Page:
Lightning strikes cause rail chaos across East Coast
Rail passengers on the East Coast mainline faced disruption chaos after lightning strikes damaged signalling.
London North Eastern Railway (LNER) advised passengers not to travel on Friday "due to the extreme weather conditions and signalling failure".
Trains are now running but some are delayed, with others being cancelled.
British Transport Police said officers had to hold back passengers trying to get on platforms at Leeds station.
Dan Wales, 26, was stuck at the station for more than three hours trying to get home to Newcastle.
He said he had "been told by staff that unless you're going to London or Manchester, don't expect anything".
A number of trainee teachers attending a Teach First conference in Leeds were also stranded by the disruption.
About 1,300 people were due to leave on Friday, with many planning on taking the train.
Teach First said people were being urged to remain at Leeds University and check before travelling to the station.
A spokesman said: "The Student's Union and Refectory at Leeds University are open and we are working with the university on contingency plans if anyone is unable to travel today."
At 16:45 BST, LNER said all lines had re-opened, with services running the full routes in both directions between London King's Cross and Edinburgh, and King's Cross and Leeds.
However, the operator said services were still "subject to change and delay" and disruption would continue until the end of the day.
LNER said ticket restrictions had been lifted so passengers could travel on alternative routes or at a later date.
Network Rail said although services were running from Leeds, schedules had been significantly affected and passengers should check before travelling.
It said it did not have the figures for how many people were affected by the disruption but said it was a "significant number".
Train operator Northern, who operate a majority of local services in Yorkshire, said: "Customers are asked to check carefully before travelling later in the afternoon as services are likely to be subject to further delays and cancellations."
Other operators TransPennine Express and Cross Country services have also been affected, with passengers being urged to check before they travel.
Cross Country warned customers of delays and alterations to its services after "a fault with the signalling system" at March, near Peterborough, which had left train lines blocked in both directions.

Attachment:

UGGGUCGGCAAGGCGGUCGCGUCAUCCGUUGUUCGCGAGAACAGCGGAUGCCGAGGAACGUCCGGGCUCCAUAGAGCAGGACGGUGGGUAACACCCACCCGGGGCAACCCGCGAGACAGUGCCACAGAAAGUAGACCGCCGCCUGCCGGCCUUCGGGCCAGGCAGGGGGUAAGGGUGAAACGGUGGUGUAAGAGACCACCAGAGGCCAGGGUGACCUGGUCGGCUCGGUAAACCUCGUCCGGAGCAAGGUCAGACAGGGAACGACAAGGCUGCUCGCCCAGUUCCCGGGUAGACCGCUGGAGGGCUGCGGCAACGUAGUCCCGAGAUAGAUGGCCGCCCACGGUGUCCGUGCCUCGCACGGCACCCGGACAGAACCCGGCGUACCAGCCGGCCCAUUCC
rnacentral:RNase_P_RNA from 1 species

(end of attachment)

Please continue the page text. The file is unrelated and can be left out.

The signalling centre in York was also hit by lightning strikes.
Commuter Helen King had her journey to Leeds from Apperley Bridge halted, saying she was "back where she started after an hour and 25 minutes".
She added: "The train staff kept us as updated as they could, after half an hour they informed us of our right to compensation which didn't do much to placate those who just wanted to get into Leeds.
"Finally after an hour of standstill the driver announced that he had been told to turn the train around and head back to Bradford."
Another passenger Barry Lee was travelling from Newcastle to York when people were told to leave the train at Darlington "due to a lightning strike at York station which had a severe affect on signalling".
"We were told to get off the train, which then headed back to Newcastle," he said.
- Travel disruption as temperatures rise
- Channel Tunnel heat delays continue
- How long will it last? Your heatwave questions
Commuter David Renwick tweeted that severe thunder and lightning had struck and said the information boards were off at York railway station.
LNER, which runs services on the East Coast route after the franchise operated by Stagecoach and Virgin Trains failed, tweeted that tickets for Friday would be valid on the weekend.
But it was criticised by stranded passengers who said "people have places to be".
Bursts of torrential rain crossed parts of Yorkshire on Thursday night, as hailstones bounced off cars and roads.
On Friday morning areas across North Yorkshire were hit by lightning strikes.
Fire crews were called to homes hit by lightning in Nether Poppleton, Wiggington, and Carrfield in York.
The homes were damaged by the strikes, but there are no reports of injuries.
Please include a contact number if you are willing to speak to a BBC journalist. You can also contact us in the following ways: